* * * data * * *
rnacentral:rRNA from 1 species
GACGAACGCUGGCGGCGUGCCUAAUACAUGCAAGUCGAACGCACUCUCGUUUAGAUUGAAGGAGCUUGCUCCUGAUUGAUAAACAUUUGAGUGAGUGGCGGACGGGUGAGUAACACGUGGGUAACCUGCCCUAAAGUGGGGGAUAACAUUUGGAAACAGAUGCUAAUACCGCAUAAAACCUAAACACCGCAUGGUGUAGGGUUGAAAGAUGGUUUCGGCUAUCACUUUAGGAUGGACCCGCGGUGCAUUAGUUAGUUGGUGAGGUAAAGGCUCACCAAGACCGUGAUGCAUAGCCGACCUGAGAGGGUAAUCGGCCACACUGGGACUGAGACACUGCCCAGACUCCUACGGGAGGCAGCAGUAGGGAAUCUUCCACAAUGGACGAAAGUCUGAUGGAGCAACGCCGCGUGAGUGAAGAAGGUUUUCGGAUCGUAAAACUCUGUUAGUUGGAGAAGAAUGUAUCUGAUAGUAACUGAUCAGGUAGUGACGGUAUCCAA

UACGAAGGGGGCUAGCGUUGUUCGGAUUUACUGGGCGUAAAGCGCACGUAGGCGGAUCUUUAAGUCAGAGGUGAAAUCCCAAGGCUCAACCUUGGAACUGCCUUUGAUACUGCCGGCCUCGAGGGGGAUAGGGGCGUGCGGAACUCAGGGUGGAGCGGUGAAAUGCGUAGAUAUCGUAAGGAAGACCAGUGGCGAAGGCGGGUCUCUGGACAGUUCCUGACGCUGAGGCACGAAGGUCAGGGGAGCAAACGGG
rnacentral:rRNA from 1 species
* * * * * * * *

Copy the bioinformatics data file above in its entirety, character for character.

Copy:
rnacentral:rRNA from 1 species
GACGAACGCUGGCGGCGUGCCUAAUACAUGCAAGUCGAACGCACUCUCGUUUAGAUUGAAGGAGCUUGCUCCUGAUUGAUAAACAUUUGAGUGAGUGGCGGACGGGUGAGUAACACGUGGGUAACCUGCCCUAAAGUGGGGGAUAACAUUUGGAAACAGAUGCUAAUACCGCAUAAAACCUAAACACCGCAUGGUGUAGGGUUGAAAGAUGGUUUCGGCUAUCACUUUAGGAUGGACCCGCGGUGCAUUAGUUAGUUGGUGAGGUAAAGGCUCACCAAGACCGUGAUGCAUAGCCGACCUGAGAGGGUAAUCGGCCACACUGGGACUGAGACACUGCCCAGACUCCUACGGGAGGCAGCAGUAGGGAAUCUUCCACAAUGGACGAAAGUCUGAUGGAGCAACGCCGCGUGAGUGAAGAAGGUUUUCGGAUCGUAAAACUCUGUUAGUUGGAGAAGAAUGUAUCUGAUAGUAACUGAUCAGGUAGUGACGGUAUCCAA

UACGAAGGGGGCUAGCGUUGUUCGGAUUUACUGGGCGUAAAGCGCACGUAGGCGGAUCUUUAAGUCAGAGGUGAAAUCCCAAGGCUCAACCUUGGAACUGCCUUUGAUACUGCCGGCCUCGAGGGGGAUAGGGGCGUGCGGAACUCAGGGUGGAGCGGUGAAAUGCGUAGAUAUCGUAAGGAAGACCAGUGGCGAAGGCGGGUCUCUGGACAGUUCCUGACGCUGAGGCACGAAGGUCAGGGGAGCAAACGGG
rnacentral:rRNA from 1 species